Plot: After she found popular girl Devon (Chloe Rose) crying at locker, Traci (Erin Sanders) stopped to see what was wrong. But she never expected to hear that beloved chemistry teacher Mr. Adkins (Rob Stewart) had groped Devon’s crotch. Devon claims that no one would believe her, but if Traci agrees to say she was a witness, then people will listen. So Traci lies about seeing the abuse take place and soon, Mr. Adkins is put on administrative leave. He is devastated, as he has devoted his life to being a teacher and is adamant that he is innocent. As teaching is his life, he is crushed and struggles to find a way to move forward, since even if he is cleared, the accusations alone will likely be enough to end his career. When he suddenly takes his own life, his daughter comes to town to figure what happened and soon, she starts to suspect that perhaps not all is as it seems.
Entertainment Value: I suspect this movie was released on home video as Guilty so that it could be rebranded. After all, Guilty at 17 screams Lifetime movie and Guilty is pushed as a thriller, so the title change makes sense. But make no mistake, Guilty at 17 is indeed the kind of melodrama you’d find on Lifetime, so if you’re after a tense thriller, you might be let down here. The narrative is straight forward and predictable, but also brisk and watchable. I loved Traci’s dad, with his extensive plastic surgery and his love of rubbing his chest, to remind us that he has a heart condition. I mean, he really rubs the shit out of his chest, it is ridiculous. The performances are passable, with mean girl Chloe Rose as a standout. But the cast doesn’t embrace the melodrama, so things feel held back and rather mundane in most scenes. Since the movie isn’t effective as a serious drama, I think more camp and melodrama could have worked wonders. In the end, this will appeal to fans of Lifetime movies, but it comes off as overly serious tame, even by those standards.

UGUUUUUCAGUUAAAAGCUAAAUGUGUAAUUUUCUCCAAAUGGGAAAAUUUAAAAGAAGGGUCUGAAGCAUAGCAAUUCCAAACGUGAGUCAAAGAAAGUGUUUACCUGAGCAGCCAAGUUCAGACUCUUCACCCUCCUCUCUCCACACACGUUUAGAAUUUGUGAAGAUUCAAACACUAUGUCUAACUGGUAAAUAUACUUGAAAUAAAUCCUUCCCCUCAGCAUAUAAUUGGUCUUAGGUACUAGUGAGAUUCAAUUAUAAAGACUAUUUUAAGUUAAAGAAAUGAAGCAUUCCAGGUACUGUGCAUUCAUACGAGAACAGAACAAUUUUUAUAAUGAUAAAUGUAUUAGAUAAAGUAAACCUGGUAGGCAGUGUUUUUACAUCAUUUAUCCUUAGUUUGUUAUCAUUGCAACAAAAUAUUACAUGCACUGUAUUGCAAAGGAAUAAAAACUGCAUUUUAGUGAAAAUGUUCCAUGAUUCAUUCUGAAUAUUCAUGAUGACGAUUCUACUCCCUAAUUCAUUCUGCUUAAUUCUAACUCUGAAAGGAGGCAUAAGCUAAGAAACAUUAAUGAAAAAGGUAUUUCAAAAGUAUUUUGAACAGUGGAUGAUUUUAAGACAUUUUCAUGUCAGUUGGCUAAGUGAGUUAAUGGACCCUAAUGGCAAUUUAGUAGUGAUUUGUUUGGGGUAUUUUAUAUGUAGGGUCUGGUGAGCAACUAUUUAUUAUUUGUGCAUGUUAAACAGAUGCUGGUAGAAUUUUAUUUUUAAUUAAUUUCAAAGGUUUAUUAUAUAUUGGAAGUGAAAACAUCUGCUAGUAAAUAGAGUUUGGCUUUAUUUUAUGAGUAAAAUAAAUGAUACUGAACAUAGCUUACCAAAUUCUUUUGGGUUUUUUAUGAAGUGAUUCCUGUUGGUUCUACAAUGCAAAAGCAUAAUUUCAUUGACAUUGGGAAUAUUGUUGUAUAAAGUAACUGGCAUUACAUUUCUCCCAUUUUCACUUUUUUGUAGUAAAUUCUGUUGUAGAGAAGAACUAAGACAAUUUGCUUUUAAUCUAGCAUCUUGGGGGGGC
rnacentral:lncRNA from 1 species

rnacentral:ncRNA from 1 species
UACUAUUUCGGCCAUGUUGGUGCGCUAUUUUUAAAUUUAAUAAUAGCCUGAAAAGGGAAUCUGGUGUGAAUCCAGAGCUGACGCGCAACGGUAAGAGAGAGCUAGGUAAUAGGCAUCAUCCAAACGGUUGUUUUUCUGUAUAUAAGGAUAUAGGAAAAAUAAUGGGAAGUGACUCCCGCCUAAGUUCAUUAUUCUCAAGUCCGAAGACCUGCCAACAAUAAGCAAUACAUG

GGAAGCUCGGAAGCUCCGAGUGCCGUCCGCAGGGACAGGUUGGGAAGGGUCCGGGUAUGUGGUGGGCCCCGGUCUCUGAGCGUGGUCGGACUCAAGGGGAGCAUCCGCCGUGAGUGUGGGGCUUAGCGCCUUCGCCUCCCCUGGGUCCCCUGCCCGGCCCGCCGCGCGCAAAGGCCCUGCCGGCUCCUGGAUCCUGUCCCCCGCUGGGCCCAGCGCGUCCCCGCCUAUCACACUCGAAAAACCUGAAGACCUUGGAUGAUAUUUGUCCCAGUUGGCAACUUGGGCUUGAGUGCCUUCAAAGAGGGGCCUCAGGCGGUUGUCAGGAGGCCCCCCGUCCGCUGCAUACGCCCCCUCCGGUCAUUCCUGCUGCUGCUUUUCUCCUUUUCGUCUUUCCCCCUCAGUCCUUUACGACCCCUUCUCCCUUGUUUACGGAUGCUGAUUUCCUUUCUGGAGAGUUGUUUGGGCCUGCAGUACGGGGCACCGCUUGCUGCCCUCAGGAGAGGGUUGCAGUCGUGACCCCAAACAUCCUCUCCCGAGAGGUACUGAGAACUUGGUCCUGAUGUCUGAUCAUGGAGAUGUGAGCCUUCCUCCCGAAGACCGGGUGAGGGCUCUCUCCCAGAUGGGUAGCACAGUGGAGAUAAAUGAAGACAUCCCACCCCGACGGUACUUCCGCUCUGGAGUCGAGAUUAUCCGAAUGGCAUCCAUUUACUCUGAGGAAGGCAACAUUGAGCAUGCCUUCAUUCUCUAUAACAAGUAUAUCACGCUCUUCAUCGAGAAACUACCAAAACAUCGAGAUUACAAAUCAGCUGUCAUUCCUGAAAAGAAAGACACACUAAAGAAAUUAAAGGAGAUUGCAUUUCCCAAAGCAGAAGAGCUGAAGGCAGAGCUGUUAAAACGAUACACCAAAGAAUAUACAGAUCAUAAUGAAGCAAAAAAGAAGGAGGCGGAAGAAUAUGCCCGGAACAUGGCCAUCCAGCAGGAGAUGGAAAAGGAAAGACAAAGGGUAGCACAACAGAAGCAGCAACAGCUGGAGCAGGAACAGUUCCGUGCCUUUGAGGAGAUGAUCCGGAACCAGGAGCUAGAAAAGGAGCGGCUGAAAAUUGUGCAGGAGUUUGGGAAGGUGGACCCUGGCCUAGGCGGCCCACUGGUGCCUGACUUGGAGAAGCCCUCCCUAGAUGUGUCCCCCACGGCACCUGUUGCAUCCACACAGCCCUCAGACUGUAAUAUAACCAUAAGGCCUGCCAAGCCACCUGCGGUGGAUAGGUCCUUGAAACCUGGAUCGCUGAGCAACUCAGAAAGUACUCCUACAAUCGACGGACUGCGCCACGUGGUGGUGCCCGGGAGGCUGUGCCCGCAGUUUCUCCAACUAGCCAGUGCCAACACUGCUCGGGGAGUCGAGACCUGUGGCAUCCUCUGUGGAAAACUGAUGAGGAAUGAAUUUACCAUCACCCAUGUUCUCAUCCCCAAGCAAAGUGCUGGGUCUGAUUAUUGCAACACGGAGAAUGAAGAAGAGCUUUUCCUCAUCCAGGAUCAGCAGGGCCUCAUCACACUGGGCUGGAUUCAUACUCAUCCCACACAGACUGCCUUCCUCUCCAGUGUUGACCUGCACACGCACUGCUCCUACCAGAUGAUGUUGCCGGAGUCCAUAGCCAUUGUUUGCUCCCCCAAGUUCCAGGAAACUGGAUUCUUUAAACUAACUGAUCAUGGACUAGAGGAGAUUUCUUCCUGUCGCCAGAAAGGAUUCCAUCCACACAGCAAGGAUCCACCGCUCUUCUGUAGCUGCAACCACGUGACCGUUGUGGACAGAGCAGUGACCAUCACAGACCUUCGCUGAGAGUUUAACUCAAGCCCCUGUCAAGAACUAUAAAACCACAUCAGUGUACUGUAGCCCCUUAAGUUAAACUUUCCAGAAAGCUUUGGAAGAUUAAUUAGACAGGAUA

No nakedness. No blood. A slimy older boyfriend creeps on Devon, but no sleaze is present whatsoever, while violence is limited to a car gently bumping a bicycle. So not much on those fronts to discuss. The dialogue could have been a lot of fun here, but the writers and the cast ignore the obvious melodrama potential. Instead, the movie is content to be a mediocre drama, when it could have embraced the camp and been a wild picture. Chloe Rose is bad enough of an actress to offer some unintentional camp, but I think she could have been an epic bitch if she went for it. Aside from the heart clutching, people play it straight here and that’s a real shame. No real craziness either, which again seems like a huge missed opportunity. But the movie is happy to just plug along and do little to stand out.
Overall Insanity: 0/10